Misinterpreted Requirement

So today is Sunday, but depending on how you view time I think I would say it’s already Monday, 2:30 am.

Another full day of writing.

Nothing was new so I wouldn’t divulge further into it because otherwise I’ll be repeating same boring routines again every Sundays.

Just want to point out though there was a lesbian earlier and this couple I think was different from the last weeks and were the bolder about their sexuality. The smooching was loud. They were seated in one chair with one girl behind the other girl, who were the more productive one, doing something on her laptop. I think the other girl, the prettier one was just a distraction. Why do I mention this? Nothing. I just think one of the girl was sexy. Curly short red hair in long green sleeves and pants.

Anyway, moving on.

Today I want to talk about misinterpreted requirements.

The writing competition here in my country is very minimal to the point it only happened once to twice a year. And when it did, I’m already late and that was what happened with the young adult novels I wrote, designed for that specific competition. I never wrote a young adult before but the competition just excites me and I was already thinking of using the price money to pay an editor for an ambitious project. So I jumped into the task and sprinted 80k, forty thousand words each that I was able to write two novels in a single month. I rushed the editing and revisions. Had I have more time, I’ll dedicate more to it. But that was the problem, revised and edited I printed a copy of one of the novel ready for notarization. The organizer was requesting a lawyer’s notary.

I remembered I spent a long time at the printing shop because I was still hesitant to print it. There was still more to be done. I printed it. Read the print out and pointed some mistakes immediately, this was after three rounds of grammar editing on this specific project. I had no time to revise it. Anyway, left with no choice I brought it home.

I stirred some time off. Meaning a single day without touching it.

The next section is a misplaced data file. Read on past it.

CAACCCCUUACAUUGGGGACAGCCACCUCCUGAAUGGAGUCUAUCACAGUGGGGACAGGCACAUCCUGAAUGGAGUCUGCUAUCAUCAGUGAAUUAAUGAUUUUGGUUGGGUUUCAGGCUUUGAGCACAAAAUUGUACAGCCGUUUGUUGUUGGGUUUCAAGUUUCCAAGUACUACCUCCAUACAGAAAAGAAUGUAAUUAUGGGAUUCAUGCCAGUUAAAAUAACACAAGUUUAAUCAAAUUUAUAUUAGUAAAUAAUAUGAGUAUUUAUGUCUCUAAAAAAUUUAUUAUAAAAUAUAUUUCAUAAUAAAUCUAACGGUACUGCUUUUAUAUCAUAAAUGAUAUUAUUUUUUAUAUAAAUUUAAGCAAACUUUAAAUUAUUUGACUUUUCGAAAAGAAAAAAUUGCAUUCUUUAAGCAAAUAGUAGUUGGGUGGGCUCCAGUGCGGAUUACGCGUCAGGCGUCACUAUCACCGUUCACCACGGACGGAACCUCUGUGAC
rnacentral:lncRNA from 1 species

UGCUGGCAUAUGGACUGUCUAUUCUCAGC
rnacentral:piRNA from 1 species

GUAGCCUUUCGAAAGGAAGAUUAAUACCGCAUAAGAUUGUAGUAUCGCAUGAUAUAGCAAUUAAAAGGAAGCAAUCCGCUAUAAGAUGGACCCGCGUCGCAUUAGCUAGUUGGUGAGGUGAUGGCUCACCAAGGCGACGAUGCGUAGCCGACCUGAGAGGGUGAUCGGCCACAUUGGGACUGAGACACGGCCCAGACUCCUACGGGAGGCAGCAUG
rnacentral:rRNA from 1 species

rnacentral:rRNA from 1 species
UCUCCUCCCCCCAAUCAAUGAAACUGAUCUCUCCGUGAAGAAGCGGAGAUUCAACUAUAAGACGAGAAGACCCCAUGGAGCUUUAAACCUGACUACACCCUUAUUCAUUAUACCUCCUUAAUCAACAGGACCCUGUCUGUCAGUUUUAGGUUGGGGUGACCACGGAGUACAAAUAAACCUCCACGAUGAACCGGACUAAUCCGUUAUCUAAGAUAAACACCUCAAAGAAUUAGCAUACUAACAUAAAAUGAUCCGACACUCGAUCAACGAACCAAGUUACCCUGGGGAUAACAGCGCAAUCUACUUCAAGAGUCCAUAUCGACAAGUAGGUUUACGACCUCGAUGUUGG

I opened the Facebook page of the competition and read the comments there, hoping to get some other writers friends. I personally think, I’m alone in this craft. Anyhow, found one. Chatted with her.

She was starting the novel so I was giving some advice. She happened to mention the language of the novel, so I went and checked it in the main website of the competition and read about at least A-X requirements twice.

And then there it was.

Filipino/Tagalog language.

I misread it as Filipino/English.

After this specific instance my self-defeated ego defended itself I read that requirement twice. I should be able to read it, but I guess my mind didn’t process it. I went back to the Facebook page and asked them if they were accepting English novels. Of course, they don’t. Silly me.

And that was the crushed of my dreams for this specific area.

Lesson: READ. READ. READ THE REQUIREMENTS.

            If submitting a novel even if it is not a book proposal, read what the publisher is asking.

All of it.  Every single one of them. This little mistake had caused me a slight changed in my writing schedules. But all was well, as I loved writing and I already love the Y.A. I made. I think I’ll just submit it to local publishers in the area. What’s best? I have more time to edit. What’s worst? I have more time to edit and because there was no deadline, I’ll achieve its perfection before I go on and submit it, which brings me back to the reason why it’s worst.

            Read the requirements. Every single one of them. A single error can define whether your book will be publish or not. That single mistake may determine your way to becoming an author or not. Just think about it. Say, your manuscript wasn’t accepted. What do you do then? You blame your writing skills, you point to this error and that. Oh, it’s in the plot. Maybe it’s character development. I think I failed in world building.

            Well, your submitting to the wrong publisher.

            You never submit an erotica fiction to Christian publisher.

            In my case, I got the language wrong. Had I read it right I may have written the novel in Filipino, in my first language.

Anyway, that’s all for today.

Remember to read what a publisher is asking.

The requirements needed. It’s a small thing that can determine whether your book will be accepted or not, best of all, it has nothing to do with the manuscript you write.

Until next time…

V. Castle

 

Date written: 07/31/17